Governor Kate Brown has been facing criticism for her new plans to lower state funding for community colleges.

Educators from across Oregon gathered at the feet of the State Capitol in Salem on Feb. 18. The March For Our Students was organized by the Oregon Education Association to tell Governor Kate Brown that she needs to allocate more money to Oregon schools. Oregon has steadily increasing graduation rates in the past few years, but the state still ranks among the lowest in high school graduation rates.

Portland Public Schools elementary school teacher Nichole Watson gives an impassioned speech to nearly 5000 educators on the steps of the Oregon Capitol in Salem on Feb. 18. Watson was one of six speakers at the March For Our Students rally who demanded an increase in public funding for Oregon schools. (Jason Petorak // The Torch)

The rally quickly took to the streets with teacher and student unions on megaphones demanding additional funding for education. The supporters concluded their parade of clever signs and red shirts that said “I stand with students” inside the Capitol. The supporters made sure their voices were heard with a synchronized chant shouting “four billion more” echoing through the governor’s offices.

At the end of the rally, people were hand-delivering personal testimonies to their public representatives, explaining why the budget should be increased. The budget shows an increase in funds, but educators expressed it isn’t enough.

Thousands of teachers, parents, and students braved cold temperatures to unite in hopes of making a difference for the future of education in Oregon. The “Red for Ed” movement aims to raise awareness of the hidden cost of budget cuts in Oregon schools. (Jason Petorak // The Torch)

Though the governor’s budget would add an additional $2.7 billion dollars to education funding,  she still plans to cut the funding for community colleges by 4.7 percent. Overall state funding for community colleges would fall by $3.8 million next year.

This isn’t the only way community colleges receive money, however. The other sources of funding are tuition and local property tax revenue. Property tax funding has increased by $76.4 million since the last budget plan. The property tax and state funding will be allocated between the 17 community colleges in Oregon. Brown claims the additional property tax money will ensure that community college tuition won’t grow more than three and a half percent.

Lane Community College President Margaret Hamilton was at the rally showing her disapproval with the budget cut on community colleges.

“It’s going to be devastating,” Hamilton said. “Our students won’t be very well served.”

If Brown’s budget passes, the administration will be stressed to find funding for already poorly funded programs. LCC is currently experiencing low enrollment numbers, which means revenue from tuition is also suffering. Though money for community colleges will be tight, Hamilton looks at the bright side.

“We will do alright,” Hamilton said.

Lane Community College administrators Paul Jarrell, Margaret Hamilton and Rosie Pryor represent the college during the rally for educational funding held in Salem on Feb. 19 Roughly 5000 educators turned out to voice their frustration over continuing budget cuts to Oregon community colleges. (Jason Petorak // The Torch)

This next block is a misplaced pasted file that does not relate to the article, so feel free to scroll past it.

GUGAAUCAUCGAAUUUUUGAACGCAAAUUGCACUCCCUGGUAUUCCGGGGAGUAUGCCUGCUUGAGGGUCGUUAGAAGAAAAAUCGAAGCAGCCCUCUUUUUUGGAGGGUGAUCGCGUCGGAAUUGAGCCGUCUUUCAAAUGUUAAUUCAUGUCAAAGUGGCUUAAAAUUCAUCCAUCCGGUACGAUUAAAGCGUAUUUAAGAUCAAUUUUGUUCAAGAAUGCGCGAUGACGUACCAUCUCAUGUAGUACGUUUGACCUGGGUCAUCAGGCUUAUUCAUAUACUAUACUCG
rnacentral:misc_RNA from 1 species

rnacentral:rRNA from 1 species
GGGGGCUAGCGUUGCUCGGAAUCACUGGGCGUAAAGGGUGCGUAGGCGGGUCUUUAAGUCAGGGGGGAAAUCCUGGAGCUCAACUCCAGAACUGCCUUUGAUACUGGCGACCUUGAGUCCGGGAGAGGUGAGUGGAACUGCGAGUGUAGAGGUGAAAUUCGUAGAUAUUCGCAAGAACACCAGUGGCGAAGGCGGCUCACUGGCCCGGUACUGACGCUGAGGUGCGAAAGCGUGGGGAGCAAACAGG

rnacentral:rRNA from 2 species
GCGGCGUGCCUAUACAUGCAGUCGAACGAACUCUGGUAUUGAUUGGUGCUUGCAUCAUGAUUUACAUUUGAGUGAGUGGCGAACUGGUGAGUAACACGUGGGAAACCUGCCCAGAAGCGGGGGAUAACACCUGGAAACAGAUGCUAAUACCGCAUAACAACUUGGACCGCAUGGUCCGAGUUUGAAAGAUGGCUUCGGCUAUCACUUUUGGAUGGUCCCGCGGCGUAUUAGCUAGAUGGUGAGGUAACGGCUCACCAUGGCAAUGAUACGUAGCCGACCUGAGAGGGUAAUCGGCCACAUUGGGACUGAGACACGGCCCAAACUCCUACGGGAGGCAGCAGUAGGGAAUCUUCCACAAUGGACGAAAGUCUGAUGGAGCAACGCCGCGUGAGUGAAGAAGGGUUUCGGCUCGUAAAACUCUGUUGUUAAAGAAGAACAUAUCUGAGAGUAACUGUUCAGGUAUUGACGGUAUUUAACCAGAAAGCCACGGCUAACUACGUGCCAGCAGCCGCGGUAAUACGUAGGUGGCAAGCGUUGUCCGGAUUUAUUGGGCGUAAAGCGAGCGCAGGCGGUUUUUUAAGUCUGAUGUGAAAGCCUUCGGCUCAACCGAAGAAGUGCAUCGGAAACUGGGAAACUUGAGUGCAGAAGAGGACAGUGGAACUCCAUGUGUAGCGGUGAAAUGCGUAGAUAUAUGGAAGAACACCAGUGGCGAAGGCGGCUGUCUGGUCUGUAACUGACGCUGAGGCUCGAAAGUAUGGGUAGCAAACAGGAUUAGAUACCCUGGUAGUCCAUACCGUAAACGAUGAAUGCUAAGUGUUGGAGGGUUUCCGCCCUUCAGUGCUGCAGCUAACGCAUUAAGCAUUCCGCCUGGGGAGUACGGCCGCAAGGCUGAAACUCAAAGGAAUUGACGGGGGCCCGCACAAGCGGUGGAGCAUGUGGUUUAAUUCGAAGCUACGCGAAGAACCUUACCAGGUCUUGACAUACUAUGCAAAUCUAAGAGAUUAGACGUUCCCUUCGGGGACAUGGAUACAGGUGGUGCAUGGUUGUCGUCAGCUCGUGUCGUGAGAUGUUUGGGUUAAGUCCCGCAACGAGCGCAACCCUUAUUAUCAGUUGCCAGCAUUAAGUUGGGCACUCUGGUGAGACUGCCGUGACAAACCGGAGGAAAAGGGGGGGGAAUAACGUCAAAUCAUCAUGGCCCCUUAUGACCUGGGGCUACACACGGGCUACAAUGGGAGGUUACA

For public universities like the University of Oregon, Brown plans to add almost $857 million to a Public University Support Fund. She claims that the colleges have indicated they will not raise tuition more than five percent because of the extra funds.

Though Brown’s proposal may cause an increase in tuition at colleges and universities across the state, she plans to increase funding for the Oregon Opportunity Grant, nearly doubling the fund with an additional $121.5 million. This grant has helped about 40,000 students pay for college each year.

Thousands of teachers, parents, and students braved cold temperatures to unite in hopes of making a difference for the future of education in Oregon. The “Red for Ed” movement aims to raise awareness of the hidden cost of budget cuts in Oregon schools. (Jason Petorak // The Torch)

The criteria for this grant is simple: a student must be an Oregon resident pursuing an undergraduate degree, not have prior bachelor degrees and be enrolled for at least part time by fall term.

This budget will also provide for more than 1,200 publicly funded K-12 schools and 25 public colleges with funding over the next two years. In many ways, Oregon schools will be seeing an increase in public funding.

The total funds for educational programs is $13.7 Billion, which is greater than the last budget of $11 billion. This money will go towards paying for school administrators salaries all the way down to the gas in the school busses for the next two years.

Brown’s budget plan shows her interest is not in higher education, but on getting kids to graduate high school.

“Ensuring that all Oregon students graduate with a high school diploma and have multiple pathways to careers and postsecondary degrees is critical to our economy,” Brown wrote in her proposal. She claims this budget is an investment to ensure growing graduation rates and “to put Oregon on a path to graduating every student in high school.”